Risotto pescatori.

 

Liz, I know that you are out there! I wonder if you remember us searching restaurants in Caserta looking for one that would serve both spaghetti alla putenesca  for you and risotto pescatori for me?  My recollection is of two tall, bronzed, dark-haired young women striding through the streets – we looked quite Italian but, being so much taller, drew many eyes.

We finally found a restaurant and devoured our lunch with at least one bottle of Mateus Rosé and were complaining to each other about our respective love lives.  Then we went to the Palace of Caserta and took a pony and trap ride up the length of the very long water feature in the gardens.  The driver tried to make us walk up the steep bits but we declined.  There was a fountain at the very far end and we caught a little train coming back.

My sous chef has been experimenting with the risotto and adapting his usual prawn version with the addition of mussels and scallops.  I made your spaghetti and thought of you many times when I was cooking it in France, where it was extremely popular.     It is over 40 years since I first went to Italy thinking no further than spag bol – now, I know much more about Italian cuisine and can even cook some of it too.

 

 

 

And the earth moved …

Back in the 1980, sipping pre-dinner drinks in the WRNS officers flat in Naples when the whole building really rocked.  We put it down to being rather heavy handed with the gin until sounds of chaos penetrated from the city: it had been a major earthquake damaging many buildings across the area.  Many of the Neapolitans moved out of their houses – preferring to live in their cars and fearful of further collapses from the after-shocks.  I think we assumed the appropriate stiff upper lip and carried on with dinner.

Just one of the amazing experiences of three fabulous years in Naples at the NATO headquarters.  We lived at the main Allied Forces South base but crossed the causeway to the Naval base on the island of Nisida.  I was even lucky enough to be flown home to RAF St Athan for a month to learn to drive.  Take my word, Naples was definitely not the place for a newly qualified driver: 11 accidents in the first year but only 3 went to insurance claims and did secure two years no-claims bonus at the end.  One quickly learned that traffic lights were purely advisory and one-way signs didn’t apply in the rush hour.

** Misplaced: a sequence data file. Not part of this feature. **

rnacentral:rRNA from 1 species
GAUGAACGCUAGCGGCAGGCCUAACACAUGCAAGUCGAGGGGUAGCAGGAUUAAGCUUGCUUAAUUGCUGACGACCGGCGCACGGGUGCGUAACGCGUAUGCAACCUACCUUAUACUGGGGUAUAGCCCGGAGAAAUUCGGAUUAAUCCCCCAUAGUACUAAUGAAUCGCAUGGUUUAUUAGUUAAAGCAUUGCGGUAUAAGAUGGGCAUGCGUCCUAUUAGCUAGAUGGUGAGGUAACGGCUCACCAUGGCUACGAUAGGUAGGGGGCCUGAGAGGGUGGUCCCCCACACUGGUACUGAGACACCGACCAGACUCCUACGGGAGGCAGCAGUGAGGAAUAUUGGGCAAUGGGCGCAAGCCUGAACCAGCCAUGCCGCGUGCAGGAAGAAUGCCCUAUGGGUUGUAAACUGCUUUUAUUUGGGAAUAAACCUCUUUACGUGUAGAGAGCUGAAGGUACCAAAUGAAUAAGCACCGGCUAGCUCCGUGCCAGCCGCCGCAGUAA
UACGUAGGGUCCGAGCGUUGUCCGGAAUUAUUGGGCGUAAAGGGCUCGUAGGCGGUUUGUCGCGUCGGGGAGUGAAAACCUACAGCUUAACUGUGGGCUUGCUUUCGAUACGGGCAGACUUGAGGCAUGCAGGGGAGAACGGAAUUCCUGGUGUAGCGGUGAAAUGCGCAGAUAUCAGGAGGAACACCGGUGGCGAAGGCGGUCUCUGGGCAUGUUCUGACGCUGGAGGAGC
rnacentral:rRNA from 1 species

I continued the shooting I’d started at Dartmouth but moved to skeet.  The range was part of the American sports grounds in the middle of a dormant volcano.  I did a little competitive shooting and, because there were few other women, was respectably ranked alongside the men.

There was so much more going on: first car and then my fantastic Capri, Vice Commodore of the sailing club, outrageous parties, exploring Italy and other parts of the Mediterranean.  But the work was good too: I soon got bored of being just the administrator of the Intelligence Division and was able to get more directly involved in the material, exercises and inspections.  A high point was a surveillance flight over the soviet ships anchored off Hammemet.

And we had a great bunch of Wrens with us too (even if they did call the Shore Patrol when a party got too noisy).

Memories of the very best that a career in the Navy can offer: hard work, hard play and good people

You can support the Holman adventure too: https://www.justgiving.com/crowdfunding/penny-melville-brown-1

 

Penny Melville-Brown OBE

Disability Dynamics ltd http://www.disabilitydynamics.co.uk

Helping disabled people to work since 2000

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penny@bakingblind.com